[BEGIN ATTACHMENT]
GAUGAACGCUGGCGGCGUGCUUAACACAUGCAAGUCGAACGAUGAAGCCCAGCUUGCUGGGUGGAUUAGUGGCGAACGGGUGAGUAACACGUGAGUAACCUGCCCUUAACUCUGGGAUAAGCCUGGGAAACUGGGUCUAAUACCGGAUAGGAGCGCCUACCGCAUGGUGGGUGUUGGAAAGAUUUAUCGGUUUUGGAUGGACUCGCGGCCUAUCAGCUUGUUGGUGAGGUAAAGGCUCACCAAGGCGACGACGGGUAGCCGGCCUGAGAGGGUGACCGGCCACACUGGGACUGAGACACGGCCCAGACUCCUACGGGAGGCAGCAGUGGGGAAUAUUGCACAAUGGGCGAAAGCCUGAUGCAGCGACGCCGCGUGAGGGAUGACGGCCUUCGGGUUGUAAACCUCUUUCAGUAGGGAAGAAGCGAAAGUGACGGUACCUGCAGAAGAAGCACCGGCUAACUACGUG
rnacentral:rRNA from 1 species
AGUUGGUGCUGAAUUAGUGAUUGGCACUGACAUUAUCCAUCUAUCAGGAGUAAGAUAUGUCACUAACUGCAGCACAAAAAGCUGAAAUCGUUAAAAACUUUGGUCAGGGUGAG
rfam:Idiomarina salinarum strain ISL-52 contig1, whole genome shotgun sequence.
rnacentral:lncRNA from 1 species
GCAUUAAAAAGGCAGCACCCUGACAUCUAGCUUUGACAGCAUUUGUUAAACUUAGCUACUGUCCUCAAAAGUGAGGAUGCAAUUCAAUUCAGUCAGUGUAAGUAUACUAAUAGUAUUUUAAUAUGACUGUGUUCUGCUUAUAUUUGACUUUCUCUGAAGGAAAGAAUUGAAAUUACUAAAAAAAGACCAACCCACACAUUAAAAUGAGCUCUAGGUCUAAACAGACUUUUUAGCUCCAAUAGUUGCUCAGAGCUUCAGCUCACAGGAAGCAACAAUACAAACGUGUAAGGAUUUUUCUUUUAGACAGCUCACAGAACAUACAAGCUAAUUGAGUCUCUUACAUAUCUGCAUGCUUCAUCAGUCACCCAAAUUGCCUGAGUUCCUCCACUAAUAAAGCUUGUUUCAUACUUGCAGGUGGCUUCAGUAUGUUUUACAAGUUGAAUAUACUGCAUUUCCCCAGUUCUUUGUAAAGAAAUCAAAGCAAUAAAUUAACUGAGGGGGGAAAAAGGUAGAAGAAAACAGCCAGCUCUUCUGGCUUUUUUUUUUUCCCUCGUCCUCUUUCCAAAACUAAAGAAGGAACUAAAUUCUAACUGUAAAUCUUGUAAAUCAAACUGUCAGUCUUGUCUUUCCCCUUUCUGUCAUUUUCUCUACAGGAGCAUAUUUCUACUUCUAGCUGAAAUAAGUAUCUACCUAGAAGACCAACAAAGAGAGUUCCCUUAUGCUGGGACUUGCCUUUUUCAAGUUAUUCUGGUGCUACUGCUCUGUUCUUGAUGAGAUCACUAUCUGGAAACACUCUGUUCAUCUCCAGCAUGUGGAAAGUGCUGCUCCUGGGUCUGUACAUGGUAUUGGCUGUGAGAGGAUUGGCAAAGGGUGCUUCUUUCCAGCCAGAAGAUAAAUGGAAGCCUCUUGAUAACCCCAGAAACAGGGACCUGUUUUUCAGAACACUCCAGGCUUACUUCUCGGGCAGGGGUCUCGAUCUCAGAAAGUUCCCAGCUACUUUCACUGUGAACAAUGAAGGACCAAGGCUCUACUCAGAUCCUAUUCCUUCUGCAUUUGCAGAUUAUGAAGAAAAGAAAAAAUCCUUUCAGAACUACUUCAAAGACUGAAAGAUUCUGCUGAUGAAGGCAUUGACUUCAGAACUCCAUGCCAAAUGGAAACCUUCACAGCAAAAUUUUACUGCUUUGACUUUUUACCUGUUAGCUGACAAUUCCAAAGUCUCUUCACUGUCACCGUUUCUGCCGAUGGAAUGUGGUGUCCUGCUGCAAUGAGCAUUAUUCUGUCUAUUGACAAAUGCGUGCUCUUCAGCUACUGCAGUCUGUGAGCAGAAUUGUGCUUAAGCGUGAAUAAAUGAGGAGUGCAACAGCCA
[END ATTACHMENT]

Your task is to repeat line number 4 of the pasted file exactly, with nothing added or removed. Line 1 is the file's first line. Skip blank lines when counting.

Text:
rfam:Idiomarina salinarum strain ISL-52 contig1, whole genome shotgun sequence.